Bob Evans Farms (NASDAQ:BOBE), a full-service restaurant chain, has had a topsy-turvy ride this year. The company's shares are flat year to date, which is not surprising as its recently-reported third quarter was weak. However, Bob Evans has done better than its peers Denny's (NASDAQ:DENN) and DineEquity (NYSE:DIN) this year. But will Bob Evans be able to get its business back on the growth path after seeing significant declines in revenue and earnings, and is it really a better buy than peers?
Beaten down badly
In the most recent quarter, Bob Evans' revenue declined 21.7% to $340.1 million, missing analysts' estimates of $350.5 million. Shares fell 8.9% in response to the weak performance, which was a result of severe cold weather in the U.S. and a subsequent drop in foot traffic. Furthermore, Bob Evans' earnings of $0.30 per share trailed the $0.57 per-share consensus by a wide margin.
So, the present scenario for Bob Evans is not a good one. The company is trying hard to get back on its feet and out of a weather-induced slump by using different strategies. Since most of its restaurants are situated in the Midwest, Bob Evans felt a big impact from the cold weather.
Apart from lower revenue, Bob Evans suffered due to other reasons, such as labor inefficiencies and food wastage. It also incurred expenses for snow removal and faced additional costs for maintaining frozen pipes, water heater replacements, and heating, ventilation, and air conditioning expenses.
Trying to turn around
This scenario should improve as we move into the hotter periods of the year, resulting in lower costs. The company's new Sulphur Springs, Texas facility is expected to reduce production and labor costs. Bob Evans also struggled with high sow costs that ate into its bottom line. So, in order to reduce sow costs, the company has reduced its trade spending and increased prices.
Bob Evans expects the good times to return in fiscal 2015, and it is engaged in different activities to ensure the same. The company is focusing on margin expansion by analyzing areas where costs can be reduced.
In the restaurant business, Bob Evans expects sales growth on the back of the addition of a bakery segment. Additionally, it expects its food business to do well in the future and deliver productivity savings of $6 million-$7 million.
As a result of plant consolidation and the shutdown of Richardson, Texas, Bidwell, Ohio, and Springfield, Ohio facilities -- along with the efficiencies from Sulphur Springs, Texas, -- Bob Evans expects its profits to grow once again in 2015.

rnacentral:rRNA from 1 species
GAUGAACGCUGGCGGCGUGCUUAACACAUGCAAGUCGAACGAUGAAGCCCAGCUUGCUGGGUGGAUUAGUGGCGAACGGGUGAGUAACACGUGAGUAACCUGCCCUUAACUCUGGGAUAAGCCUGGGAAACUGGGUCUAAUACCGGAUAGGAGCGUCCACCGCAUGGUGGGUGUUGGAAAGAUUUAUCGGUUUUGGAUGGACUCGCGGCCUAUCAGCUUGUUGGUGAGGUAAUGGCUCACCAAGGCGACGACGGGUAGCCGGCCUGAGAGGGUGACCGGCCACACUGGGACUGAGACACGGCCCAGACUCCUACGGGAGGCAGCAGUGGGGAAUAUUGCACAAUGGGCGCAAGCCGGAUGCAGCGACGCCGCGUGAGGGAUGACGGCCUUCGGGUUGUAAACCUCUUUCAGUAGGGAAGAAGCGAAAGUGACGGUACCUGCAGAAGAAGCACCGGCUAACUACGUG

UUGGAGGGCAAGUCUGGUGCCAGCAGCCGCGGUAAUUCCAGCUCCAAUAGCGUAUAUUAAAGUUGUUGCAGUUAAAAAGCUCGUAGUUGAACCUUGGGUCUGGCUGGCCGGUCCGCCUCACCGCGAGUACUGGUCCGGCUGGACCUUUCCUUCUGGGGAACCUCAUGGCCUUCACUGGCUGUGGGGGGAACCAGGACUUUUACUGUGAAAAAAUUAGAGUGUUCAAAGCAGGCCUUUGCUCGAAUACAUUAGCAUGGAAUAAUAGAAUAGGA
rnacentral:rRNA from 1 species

In addition, Bob Evans authorized a share-repurchase program of up to $100 million for fiscal 2015. Along with the cost-reduction initiatives, share buybacks will help Bob Evans get its earnings growth back on track.
Bob Evans is also optimistic about its long-term prospects. That's why it has increased its long-term diluted earnings-per-share growth rate guidance to 10%-12%.
In addition, Bob Evans' knife and fork sandwich platform is also seeing good sales growth. Around 40% of its patrons who order a $7.99-priced knife and fork sandwich meal also opt for the $2 make-it-a-three-course-meal option. The company expects this strategy to attract more customers to its restaurants. So, driven by its cost-reduction strategies and other growth-oriented moves, Bob Evans should be able to deliver earnings growth next year.
Don't rush in yet
But currently, Bob Evans doesn't look like a good investment option. The stock is very expensive at 30 times last year's earnings. In comparison, Denny's has a P/E ratio of 25; DineEquity is even cheaper at 21 times earnings. In addition, Bob Evans' dividend yield of 2.5% is lower than DineEquity's 3.8%. Also, DineEquity is seeing good sales growth at its IHOP chain. DineEquity is focused on simplifying its menu and bolstering its social media presence, so it could be a better pick than Bob Evans.
On the other hand, while Denny's doesn't pay a dividend, it is expanding rapidly. Denny's same-store sales have now grown for 10 consecutive quarters, Also, Denny's $4 breakfast sandwiches introduced in January have clicked with customers. Thus, a lower pricing than Bob Evans' sandwich offering could help Denny's gain an advantage in this space.
Bob Evans Farms is in a weak position at present as a result of the cold weather. The company is exploring many cost-reduction programs to increase its earnings. But a steep valuation and better-positioned peers make an investment in Bob Evans a risky proposition.